This past December, more than 120 young entrepreneurs and creative types from Israel and around the world traveled to southern Israel to participate in a 10-day program called Start South. The program was a partnership between nearly 20 local and global organizations. It was designed so that participants could learn about and experience life in southern Israel while joining with local residents to create a celebration of the people, communities and the local cultural landscape. The experience culminated in the Daroma Arts Festival in which Start South participants played a major role.
Ofek Ravid is an Israeli musician, informal educator and social activist. Lately you can find him presenting to kids across the country about the importance of buying Israeli goods and supporting the local economy.
I found myself several weeks before the Start South journey, contemplating whether to sign up. I don't recall exactly how I heard about the program, but I was wondering how I should celebrate the week after Chanukah.
As a soldier I had spent a bit of time in the area around Gaza. I was stationed there in 2012 for about 6 months as part of my service. I used to always see the views and stop at the bus stops, but rarely did I ever get to meet people, talk to them.
I remember I was stationed in Kissufim and enjoyed doing my exercise around the kibbutz, watching the flowers bloom, quite unaware of what was going on in with the people in the area, quite set on focusing on my own little mission in life at the time.
So I decided I would give Start South a shot, and boy am I glad I did!
When you go and meet the people and experience a situation firsthand, it is really something else. Start South gave me that opportunity. I must admit that at first I was hesitant to join the program, given some of the stigmas we sometimes have about foreign programs in Israel. Once it was underway, however, I was surprised by the depth of the program, by how unique the speakers were and by the people we conversed with and the places we saw.
In my rhythm therapy workshop group, for instance, we offered people in the Sderot community the opportunity to learn to play drums using recycled materials. People from all walks of life including those with musical experience and those without had the opportunity to join together in happiness and joy, for several hours at a time. It was incredible to see the smiles on the faces of people who had at first seemed tired and then to see sparks in their eyes.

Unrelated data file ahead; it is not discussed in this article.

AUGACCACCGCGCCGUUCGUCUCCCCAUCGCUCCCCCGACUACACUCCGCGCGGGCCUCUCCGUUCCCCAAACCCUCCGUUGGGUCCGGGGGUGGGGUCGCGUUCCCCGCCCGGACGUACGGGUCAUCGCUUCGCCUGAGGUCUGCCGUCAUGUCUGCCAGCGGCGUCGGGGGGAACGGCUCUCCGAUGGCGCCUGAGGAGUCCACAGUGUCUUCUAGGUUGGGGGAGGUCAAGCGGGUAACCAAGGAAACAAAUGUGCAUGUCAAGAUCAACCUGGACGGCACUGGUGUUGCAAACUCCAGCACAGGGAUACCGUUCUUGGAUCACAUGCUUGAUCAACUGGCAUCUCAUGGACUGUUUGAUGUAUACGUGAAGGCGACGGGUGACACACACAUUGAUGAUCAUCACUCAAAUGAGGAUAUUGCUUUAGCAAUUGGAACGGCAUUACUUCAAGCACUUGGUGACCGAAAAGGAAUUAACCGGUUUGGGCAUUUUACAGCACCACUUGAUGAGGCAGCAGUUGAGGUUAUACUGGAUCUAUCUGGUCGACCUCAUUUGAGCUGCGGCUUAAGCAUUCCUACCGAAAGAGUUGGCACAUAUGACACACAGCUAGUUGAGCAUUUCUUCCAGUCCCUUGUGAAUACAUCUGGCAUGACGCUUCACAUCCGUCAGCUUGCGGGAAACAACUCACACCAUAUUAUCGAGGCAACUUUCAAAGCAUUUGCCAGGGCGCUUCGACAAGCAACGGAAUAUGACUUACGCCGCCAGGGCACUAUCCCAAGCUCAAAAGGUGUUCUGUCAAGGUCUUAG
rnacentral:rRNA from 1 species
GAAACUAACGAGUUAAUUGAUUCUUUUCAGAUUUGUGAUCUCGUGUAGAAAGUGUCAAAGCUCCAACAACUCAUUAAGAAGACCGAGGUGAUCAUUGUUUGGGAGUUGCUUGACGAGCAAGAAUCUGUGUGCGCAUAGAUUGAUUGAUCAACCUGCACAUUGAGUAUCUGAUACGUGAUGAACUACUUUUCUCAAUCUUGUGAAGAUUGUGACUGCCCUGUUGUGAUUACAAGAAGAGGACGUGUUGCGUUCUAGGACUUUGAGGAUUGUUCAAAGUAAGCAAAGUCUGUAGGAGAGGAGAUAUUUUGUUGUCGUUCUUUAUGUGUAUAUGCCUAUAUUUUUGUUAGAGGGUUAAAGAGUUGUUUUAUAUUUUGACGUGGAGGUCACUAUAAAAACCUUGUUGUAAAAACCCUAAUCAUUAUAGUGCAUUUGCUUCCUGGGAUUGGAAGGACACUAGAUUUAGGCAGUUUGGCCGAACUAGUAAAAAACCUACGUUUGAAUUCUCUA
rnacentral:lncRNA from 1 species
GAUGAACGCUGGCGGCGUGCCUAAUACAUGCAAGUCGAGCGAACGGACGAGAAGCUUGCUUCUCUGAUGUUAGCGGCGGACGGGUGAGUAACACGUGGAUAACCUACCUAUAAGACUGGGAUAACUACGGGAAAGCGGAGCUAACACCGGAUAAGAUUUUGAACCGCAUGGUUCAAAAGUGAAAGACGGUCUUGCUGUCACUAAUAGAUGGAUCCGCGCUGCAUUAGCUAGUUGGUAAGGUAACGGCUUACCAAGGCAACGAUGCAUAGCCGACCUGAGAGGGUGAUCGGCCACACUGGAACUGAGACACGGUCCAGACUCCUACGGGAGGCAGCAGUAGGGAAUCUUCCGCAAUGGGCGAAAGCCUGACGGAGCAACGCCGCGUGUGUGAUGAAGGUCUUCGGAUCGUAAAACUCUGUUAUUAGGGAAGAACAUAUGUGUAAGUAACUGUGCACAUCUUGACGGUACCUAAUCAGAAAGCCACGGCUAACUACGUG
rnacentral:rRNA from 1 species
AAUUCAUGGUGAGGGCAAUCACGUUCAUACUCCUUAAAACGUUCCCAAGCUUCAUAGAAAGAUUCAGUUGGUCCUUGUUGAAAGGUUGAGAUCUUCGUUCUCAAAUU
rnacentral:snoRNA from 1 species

On one of the last days of the program, we worked in a community garden. It was impressive to me how impactful we could be together, how happy the local population was at our joining forces. It is pretty extraordinary that a group of visitors can leave such a positive impact.
On a personal note, as an Israeli, meeting Jews from places I didn't know had Jewish communities (especially places in eastern Europe) and getting to live with them and share stories and meals, had a profound impact on me.
I was surprised to see how much diversity and heritage we have as a people. Meeting Jews from so many different realities, seeing that they love our country so much and that they are using their hands to build it together with me, was an uplifting experience. I can certainly say that it expanded my Jewish horizons and allowed me to gain a deeper understanding of our people.
I want to thank Start South for helping me get to know my own country from a new perspective and to create and build a bond with people living in another part of the country, specifically the one we don't always get to see for ourselves. Sderot is a town we Israelis mostly hear about through the media or just pass by.
The place was so different than the image I had. There were children laughing, people drinking coffee, a good falafel stand, schools and playgrounds. I got to put human faces to what I usually watch on a screen, to meet some musicians I really liked but did not even know existed, like Haim Uliel. After the week was over, I had a newfound appreciation and connection to Israel’s south.
The Charles and Lynn Schusterman Family Foundation is proud to empower emerging leaders to explore their values, identity and new ways to strengthen their communities. We believe that as we work together to repair the world, it is important to share our diverse experiences and perspectives along the way. We encourage the expression of personal thoughts and reflections here on the Schusterman blog. Each post reflects solely the opinion of its author and does not necessarily represent the views of the Foundation, its partner organizations or all program participants.